Fiction Genres: Focused Literature Study: Ulysses
Instructor: Ted Morrissey
Class Type: Literature
James the Great: Reading Joyce’s Ulysses
Many consider Irish writer James Joyce’s 1922 novel Ulysses the greatest novel of the twentieth century, a modernist text that changed the course of narrative technique forever. Whether a fan or not of the sort of experimentation that Joyce pioneered, anyone who takes writing seriously would benefit from having at least a working knowledge of the book whose publication history is as dramatic as Joyce’s revolutionary narrative techniques themselves. However, the book can be daunting for even accomplished readers. It is so rich in allusions many readers become bogged down in the layered labyrinths of meaning. Therefore, we will approach the novel one section at a time, focusing mainly on plot progression and Joyce’s varied narrative techniques—only touching upon the copious allusions as needed to get some sense of their richness, without becoming overwhelmed by them. Readers who successfully navigate the dense prose discover a story that is at turns comic and touching, and fully drawn characters who are as worthy of sympathy as any in modern literature.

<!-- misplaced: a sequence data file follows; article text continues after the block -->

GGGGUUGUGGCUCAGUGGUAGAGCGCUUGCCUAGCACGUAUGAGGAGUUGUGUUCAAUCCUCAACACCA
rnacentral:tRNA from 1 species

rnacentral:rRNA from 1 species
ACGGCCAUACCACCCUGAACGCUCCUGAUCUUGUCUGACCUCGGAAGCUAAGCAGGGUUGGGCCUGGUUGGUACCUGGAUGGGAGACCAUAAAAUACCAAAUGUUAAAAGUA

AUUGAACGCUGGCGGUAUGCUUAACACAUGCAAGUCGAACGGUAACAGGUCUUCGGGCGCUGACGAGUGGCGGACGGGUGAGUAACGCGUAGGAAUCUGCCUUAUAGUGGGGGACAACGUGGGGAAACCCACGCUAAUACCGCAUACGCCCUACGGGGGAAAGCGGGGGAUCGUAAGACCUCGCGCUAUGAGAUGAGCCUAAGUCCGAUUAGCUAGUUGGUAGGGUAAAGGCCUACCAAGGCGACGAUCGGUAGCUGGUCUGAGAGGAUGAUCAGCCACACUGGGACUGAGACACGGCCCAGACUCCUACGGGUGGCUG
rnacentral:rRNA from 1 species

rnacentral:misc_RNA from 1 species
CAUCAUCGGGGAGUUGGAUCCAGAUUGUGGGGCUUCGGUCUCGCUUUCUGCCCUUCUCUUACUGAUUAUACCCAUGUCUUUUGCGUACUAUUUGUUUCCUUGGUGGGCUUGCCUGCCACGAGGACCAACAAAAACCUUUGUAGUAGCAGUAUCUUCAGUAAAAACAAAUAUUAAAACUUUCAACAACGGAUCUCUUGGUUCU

Note on the text: There are numerous editions of Ulysses available, and they can vary in content significantly. Joyce scholars tend to think of three main editions—the original 1922 edition, the “corrected” edition of 1960/61 (Bodley Head/Modern Library), and Gabler’s “synoptic” edition of 1984. Each has its triumphs and its flaws, but only the original edition was authorized by Joyce himself, thus many scholars consider it the most pure edition. As such, we will be reading the original 1922 text as republished by Oxford University Press, which offers abundant supplemental material for students who may be inclined to make use of it (Joyce, James. Ulysses: The 1922 Text. Ed. Jeri Johnson. Oxford UP, 2011. ISBN: 9780199535675).
Author: James Joyce, Jeri Johnson
Publication Date: 09/01/2011
Publisher: Oxford University Press